The third area of vulnerability, and this is probably one that few escape, is the period of transition from childhood into adulthood. There is a great deal to be said about the negotiation of a new independent identity following the years of dependence on others. Religious groups are good at exploiting this period of vulnerability for their own purposes, whether malignly or for the good of the young person. A faith, whether a cultic variety or more mainstream, provides support in this time of, often, chronic uncertainty. Space prevents me from saying any more on this point but the reader can no doubt reflect on the particular difficulties that he or she faced as they passed through this particular ravine of human experience.

I could easily add to my list of three ‘vulnerabilities’ that impact on the way that a individual is rendered more susceptible to the blandishments of religious teachers. Some of these may of course have deeply caring motives, but others, as this blog never tires of saying, have exploitation of the vulnerable high on their agenda. Let us always learn to be aware that human vulnerability is a fact of life, and that it is always immoral to take advantage in any way of another person who is in this state for whatever reason.

About Stephen Parsons

Stephen is a retired Anglican priest living at present in Cumbria. He has taken a special interest in the issues around health and healing in the Church but also when the Church is a place of harm and abuse. He has published books on both these issues and is at present particularly interested in understanding the psychological aspects of leadership and follower-ship in the Church. He is always interested in making contact with others who are concerned with these issues.

16 thoughts on “Vulnerable adults -who are they?

  1. This is such an important discussion. I think a huge problem is the way that the “vulnerable adult” box, by being stigmatizing, acts as stigma does, to conceal the fact that everyone is vulnerable and would rather not acknowledge it. This is one of your tracks I think, and you are very right.

    This means that people are not encouraged to recognise and integrate their shadow side. They can say – I’m not vulnerable, I’m ok. It’s the vulnerable adult who’s vulnerable. This inability to face the truth causes many serious problems and is a major obstacle to spiritual growth. I’m glad to say that our new associate priest touched on this very helpfully in his first sermon this morning. His main message was that the Bible focusses on “fear not”, which links in to another big theme of this blog, and is the opposite of “terror preaching”.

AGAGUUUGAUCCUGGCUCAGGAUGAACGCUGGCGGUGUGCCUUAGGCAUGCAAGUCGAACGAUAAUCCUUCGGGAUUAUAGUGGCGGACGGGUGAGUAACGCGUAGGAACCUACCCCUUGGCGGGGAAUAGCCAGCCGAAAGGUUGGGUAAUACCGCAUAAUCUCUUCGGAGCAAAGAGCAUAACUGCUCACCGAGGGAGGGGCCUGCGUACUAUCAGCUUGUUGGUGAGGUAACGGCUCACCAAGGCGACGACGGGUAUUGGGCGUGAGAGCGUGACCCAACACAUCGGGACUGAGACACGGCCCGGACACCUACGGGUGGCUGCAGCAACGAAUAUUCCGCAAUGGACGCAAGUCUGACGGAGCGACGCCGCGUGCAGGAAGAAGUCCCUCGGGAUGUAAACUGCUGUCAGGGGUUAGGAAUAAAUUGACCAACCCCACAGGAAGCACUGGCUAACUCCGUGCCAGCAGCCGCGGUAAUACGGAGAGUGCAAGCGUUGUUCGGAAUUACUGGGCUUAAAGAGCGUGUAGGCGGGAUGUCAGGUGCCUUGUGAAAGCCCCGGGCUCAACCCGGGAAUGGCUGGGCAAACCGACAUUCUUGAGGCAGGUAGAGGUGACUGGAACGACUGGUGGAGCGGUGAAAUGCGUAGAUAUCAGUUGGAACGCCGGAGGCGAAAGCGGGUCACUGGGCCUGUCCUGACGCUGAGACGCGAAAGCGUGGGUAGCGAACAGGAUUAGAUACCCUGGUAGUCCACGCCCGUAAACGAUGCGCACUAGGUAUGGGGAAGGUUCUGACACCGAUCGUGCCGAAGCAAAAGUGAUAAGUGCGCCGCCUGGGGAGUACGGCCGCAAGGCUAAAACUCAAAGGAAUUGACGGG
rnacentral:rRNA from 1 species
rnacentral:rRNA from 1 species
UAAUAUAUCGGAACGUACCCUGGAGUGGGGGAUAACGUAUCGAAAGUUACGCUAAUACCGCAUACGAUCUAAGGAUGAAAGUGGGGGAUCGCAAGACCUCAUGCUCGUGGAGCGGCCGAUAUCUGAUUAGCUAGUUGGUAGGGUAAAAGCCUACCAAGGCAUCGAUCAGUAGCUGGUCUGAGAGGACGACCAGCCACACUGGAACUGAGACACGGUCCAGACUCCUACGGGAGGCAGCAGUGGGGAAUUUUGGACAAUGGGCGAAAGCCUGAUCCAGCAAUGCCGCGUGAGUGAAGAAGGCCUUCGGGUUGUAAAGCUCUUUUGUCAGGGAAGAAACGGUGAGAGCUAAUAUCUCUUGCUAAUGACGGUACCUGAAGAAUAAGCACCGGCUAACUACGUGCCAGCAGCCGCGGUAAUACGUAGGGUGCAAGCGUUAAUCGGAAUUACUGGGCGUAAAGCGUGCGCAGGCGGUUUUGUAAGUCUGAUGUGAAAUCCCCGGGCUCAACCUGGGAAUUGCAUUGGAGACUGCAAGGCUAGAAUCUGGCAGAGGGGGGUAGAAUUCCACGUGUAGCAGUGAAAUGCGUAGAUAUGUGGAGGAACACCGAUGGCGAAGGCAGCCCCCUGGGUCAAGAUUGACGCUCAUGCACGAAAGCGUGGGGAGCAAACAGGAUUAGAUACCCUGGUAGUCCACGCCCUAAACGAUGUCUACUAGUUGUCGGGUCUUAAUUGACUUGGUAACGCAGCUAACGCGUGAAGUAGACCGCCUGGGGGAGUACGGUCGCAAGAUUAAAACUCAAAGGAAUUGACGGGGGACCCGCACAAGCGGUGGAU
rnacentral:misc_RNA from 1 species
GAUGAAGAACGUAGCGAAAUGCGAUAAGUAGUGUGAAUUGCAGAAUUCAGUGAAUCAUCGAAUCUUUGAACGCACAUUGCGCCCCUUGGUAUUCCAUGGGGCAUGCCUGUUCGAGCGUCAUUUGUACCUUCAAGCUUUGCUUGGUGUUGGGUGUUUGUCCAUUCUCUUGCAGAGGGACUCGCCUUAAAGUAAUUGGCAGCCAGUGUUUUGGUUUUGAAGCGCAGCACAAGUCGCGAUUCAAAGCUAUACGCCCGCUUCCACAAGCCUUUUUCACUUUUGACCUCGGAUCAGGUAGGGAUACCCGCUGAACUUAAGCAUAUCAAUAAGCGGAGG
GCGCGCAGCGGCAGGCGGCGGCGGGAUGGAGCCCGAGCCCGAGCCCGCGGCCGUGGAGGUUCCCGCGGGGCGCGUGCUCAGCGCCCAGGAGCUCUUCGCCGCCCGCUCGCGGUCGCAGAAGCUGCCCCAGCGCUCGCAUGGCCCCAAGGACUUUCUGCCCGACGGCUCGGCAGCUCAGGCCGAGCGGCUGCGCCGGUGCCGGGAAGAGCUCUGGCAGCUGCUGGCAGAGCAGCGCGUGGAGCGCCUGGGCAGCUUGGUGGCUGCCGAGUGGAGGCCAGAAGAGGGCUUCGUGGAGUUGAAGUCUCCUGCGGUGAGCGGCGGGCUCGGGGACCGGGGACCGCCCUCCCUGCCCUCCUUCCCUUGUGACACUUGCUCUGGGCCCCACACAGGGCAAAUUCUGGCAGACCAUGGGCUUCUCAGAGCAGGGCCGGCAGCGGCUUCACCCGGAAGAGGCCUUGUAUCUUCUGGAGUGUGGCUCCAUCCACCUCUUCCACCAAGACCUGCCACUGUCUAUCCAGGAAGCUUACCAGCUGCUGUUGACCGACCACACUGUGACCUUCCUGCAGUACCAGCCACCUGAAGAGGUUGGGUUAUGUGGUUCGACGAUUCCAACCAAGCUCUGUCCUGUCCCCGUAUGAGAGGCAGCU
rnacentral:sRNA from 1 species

Another track you bring out is that each person varies in their degree of vulnerability, both at different times in their life and in different aspects or fields of their life. This is really an elaboration of what I’ve just said.

    The third point is that some people (eg rich or literate for example) are overall much more powerful, while others (eg poor or illiterate for example) are much more vulnerable. It is this imbalance of power that the “vulnerable adult” thing is trying to address helpfully, by saying that when people are weak they can need protection – and actually they can need special allowances made for them too. But it’s very difficult to get this right.

    The idea of calling people in receipt of “statutory care”, whatever that is (please explain) “vulnerable adults” is just shirking realities. This may now be CofE national policy, but we do have a much more helpful definition of this in our Diocesan policy, which elaborates the kind of thing I’m trying to say quite concisely but very sensibly.

    I personally am very aware of being both vulnerable and powerful, and seeing both the vulnerability and power of others, though of course I don’t always see it very clearly. I am a “vulnerable adult” I suppose, since I have a consultant psychiatrist and am on the books of the local mental health team, and there are times when my mental health is a disaster which certainly makes me extremely socially and emotionally vulnerable in a way that few people can imagine. However I reject the label, which I do regard as stigmatising, demeaning and undignified, ultimately because it is fundamentally a lie. I am a person who is gradually growing spiritually through my life and has moved from very severe disempowerment in many ways, to a place where I have developed my abilities and have obtained modest but real social roles, where I am acknowledged as useful and have some voice and power to affect and even to make decisions. This is without considering what I have done as a good enough and not perfect parent in bringing up two lovely and very high-flying children, and launching them as adults capable of making their way in the world. But of course I am still vulnerable too, in all sorts of ways.

    I am at a difficult point with my church on this at the moment. I shared in another post the bullying I recently witnessed in a meeting. The recipient was “vulnerable” in being a weaker personality, and this is just as real, and the abuse was just as real is if he had been classified as a “vulnerable adult”. But we have this boxed off as meaning something different, which means people are not encouraged to look at what is really happening.